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Nominalizations Are Zombie Nouns

Nominalizations Are Zombie Nouns
Draft is a series about the art and craft of writing. Take an adjective (implacable) or a verb (calibrate) or even another noun (crony) and add a suffix like ity, tion or ism. You’ve created a new noun: implacability, calibration, cronyism. Sounds impressive, right? Nouns formed from other parts of speech are called nominalizations. Academics love them; so do lawyers, bureaucrats and business writers. The proliferation of nominalizations in a discursive formation may be an indication of a tendency toward pomposity and abstraction. The sentence above contains no fewer than seven nominalizations, each formed from a verb or an adjective. Writers who overload their sentences with nominalizations tend to sound pompous and abstract. Only one zombie noun – the key word nominalizations – has been allowed to remain standing. At their best, nominalizations help us express complex ideas: perception, intelligence, epistemology. Elena Giavaldi Most major scientific theories rebuff common sense. Related:  Lexical ChangeCreative Writing

7 Words that Came About from People Getting Them Wrong 1. Pea Originally the word was "pease," and it was singular. ("The Scottish or tufted Pease..is a good white Pease fit to be eaten.") 2. The same thing happened to "cherise" or "cheris," which came from Old French "cherise" and was reanalyzed as a plural. 3. "Apron" also came into English from Old French and was originally "napron" ("With hir napron feir..She wypid sofft hir eyen.") 4. Umpire lost its 'n' from the same sort of confusion. 5. The confusion about which word the 'n' belonged to could end up swinging the other way too. 6. The 'n' also traveled over from the "an" to stick to "nickname," which was originally "ekename," meaning "added name." 7. Alligator came to English from the Spanish explorers who first encountered "el lagarto" (lizard) in the New World. All example quotes come from the Oxford English Dictionary.

Neil Gaiman's 8 Rules of Writing By Maria Popova In the winter of 2010, inspired by Elmore Leonard’s 10 rules of writing published in The New York Times nearly a decade earlier, The Guardian reached out to some of today’s most celebrated authors and asked them to each offer his or her commandments. After Zadie Smith’s 10 rules of writing, here come 8 from the one and only Neil Gaiman: WritePut one word after another. Find the right word, put it down.Finish what you’re writing. Whatever you have to do to finish it, finish it.Put it aside. For more timeless wisdom on writing, see Kurt Vonnegut’s 8 rules for a great story, David Ogilvy’s 10 no-bullshit tips, Henry Miller’s 11 commandments, Jack Kerouac’s 30 beliefs and techniques, John Steinbeck’s 6 pointers, and Susan Sontag’s synthesized learnings. Image by Kimberly Butler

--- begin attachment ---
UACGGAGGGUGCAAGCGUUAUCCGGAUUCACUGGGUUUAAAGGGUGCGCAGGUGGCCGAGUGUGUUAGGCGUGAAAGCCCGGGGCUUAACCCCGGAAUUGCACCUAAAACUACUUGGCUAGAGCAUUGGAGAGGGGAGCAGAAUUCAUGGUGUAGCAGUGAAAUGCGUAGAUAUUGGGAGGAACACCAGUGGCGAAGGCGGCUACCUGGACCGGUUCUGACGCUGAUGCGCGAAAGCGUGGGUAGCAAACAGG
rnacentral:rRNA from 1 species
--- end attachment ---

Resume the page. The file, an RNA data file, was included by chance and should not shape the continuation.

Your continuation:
George Orwell: Politics and the English Language Most people who bother with the matter at all would admit that the English language is in a bad way, but it is generally assumed that we cannot by conscious action do anything about it. Our civilization is decadent and our language — so the argument runs — must inevitably share in the general collapse. It follows that any struggle against the abuse of language is a sentimental archaism, like preferring candles to electric light or hansom cabs to aeroplanes. Underneath this lies the half-conscious belief that language is a natural growth and not an instrument which we shape for our own purposes. Now, it is clear that the decline of a language must ultimately have political and economic causes: it is not due simply to the bad influence of this or that individual writer. These five passages have not been picked out because they are especially bad — I could have quoted far worse if I had chosen — but because they illustrate various of the mental vices from which we now suffer. 1. 2. 3. 4.

Litigation Support Industry: eDiscovery Business News and Information Blog Chavs, sluts and the war of words | Mind your language | Media Like an expedition to the source of the Nile, any attempt to find the origins of a word runs aground when the trail vanishes into a realm without tangible records: oral culture. As Baroness Hussein-Ece – she who was "trapped in a queue in chav-land" – will tell you, Twitter is oral culture but with records. But words have power beyond their mere meaning. They still bear the hallmarks of the Garden of Eden, in which the language spoken by Adam contained the essence of the thing it described, and so controlled it. The meaning of "chav" has been hotly contested (Polly Toynbee's piece received 1,152 comments), being deemed variously to refer to class, financial acuity, behavioural traits, lifestyle, sartorial choices, debt and housing. This is chicken and egg time. Chav seems to have come about severally and spontaneously in response to a need. But what about old words? Old words evolve, too, by stepping out of the dictionary and back into oral culture.